women who are committed to coming out of this crisis, and they have 
incorporated themselves to the Productive Workers’ Army. These workers 
do not want to be spectators. They want to be subjects again, 
reactivating our participatory and protagonic democracy.

So indeed our proposal is patriotic. We believe that we can do and make 
things, that we aren’t doomed. We have a strong conviction that the 
people, the workers, the working class… together we can bring ourselves 
out of the crisis that we face in the industrial sector and elsewhere. 
We are the ones who will build the sovereign and emancipated Patria 
[homeland] that Chavez aspired to create with the protagonic 
participation of the people. We are convinced that we can do this, that 
patriotic Venezuelans can do this, although we will always welcome with 
wide open arms comrades from other countries, people who are committed 
to socialism. But this is a war that we have to wage and that we must 
win. Only the people of Venezuela can solve the problems of Venezuela, 
and from our point of view, this must be done with Chavez and with 
commitment to participatory and protagonic democracy.

*One of the most intense debates within Chavismo right now is the debate 
about the “ethical referent” and the need (since Chavez’s death) to 
point to exemplary experiences that might bring the project out of the 
stagnation that we are facing now. There is a mystique around El Maizal 
Commune <https://venezuelanalysis.com/tag/el-maizal> and the Admirable 
Campesino March <https://venezuelanalysis.com/news/13966>, but in the 
working class, in the industrial sector, the Productive Workers’ Army 
has become a referent as well. Can you talk about this?*

When we talk about ethical referents, we must talk about revolutionary 
coherence, and revolutionary coherence is a kind of North Star that 
guides our praxis. Our objective is to help to recuperate the productive 
apparatus of the nation. For this to happen, as I said before, there 
must be a process of remoralization and organization, which is key to 
the success of our initiatives.

In the Productive Workers’ Army we teach by example, with a praxis that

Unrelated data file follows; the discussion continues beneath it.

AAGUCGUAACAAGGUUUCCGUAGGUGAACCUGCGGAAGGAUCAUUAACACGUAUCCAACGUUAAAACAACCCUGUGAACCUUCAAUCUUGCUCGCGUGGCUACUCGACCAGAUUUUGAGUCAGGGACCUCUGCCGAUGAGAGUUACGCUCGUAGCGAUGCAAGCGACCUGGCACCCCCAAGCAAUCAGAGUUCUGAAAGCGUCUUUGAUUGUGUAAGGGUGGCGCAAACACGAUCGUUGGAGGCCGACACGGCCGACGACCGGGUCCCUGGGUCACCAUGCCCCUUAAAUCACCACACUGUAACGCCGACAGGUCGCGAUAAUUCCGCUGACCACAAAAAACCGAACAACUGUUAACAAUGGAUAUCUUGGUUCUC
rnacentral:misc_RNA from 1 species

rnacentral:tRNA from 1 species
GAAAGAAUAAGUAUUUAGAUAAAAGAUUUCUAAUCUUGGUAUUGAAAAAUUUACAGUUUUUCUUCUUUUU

brings together political and social commitment with work. So we hope 
that we will carry with us a school for the workers with whom we work, 
arm in arm, during the Productive Battles.

Sacrifice is, like it or not, an essential part of our epic struggle. We 
often travel for thousands of kilometers to get to a factory; we leave 
our family behind; we sleep very little and when we do, we sleep in the 
plant… All this tends to change the plant's dynamics. We can actually 
say that we – the hundreds of men and women of the Army – teach by 
example. The sacrifice that a Battle entails is key to a shift towards a 
revolutionary ethos.

All this, of course, happens with President Chavez as a guiding light. 
His example fills us with strength day in and day out. He taught by 
example and he sacrificed himself for us. In return, we commit our lives 
to our country.


    Notes

[1] CARBONORCA is state-owned plant producing anodes, a component needed 
to process aluminum.
[2] CORPIVENSA is a state institution whose mission is to encourage 
industrial sovereignty and productivity.
[3] In progressive Latin American contexts, mística or mystique refers 
to nonmaterial values such as morale, hope, and confidence.
[4] A Productive Workers’ Council (CTP for its Spanish initials) is an 
organizational figure promoted by a February 2018 Constituent Assembly 
law. CTPs are meant to encourage production in a plant or factory, be it 
public or private.
[5] The term “Chinese Model” is used in Venezuela to refer to the 
growing participation of Chinese capital in the reorganization of the 
economy. Chinese officials are also assuming advisory roles in the 
Caribbean nation, encouraging “development” initiatives such as “Special 
Development Zones”: territories where certain laws do not apply to 
encourage foreign investment.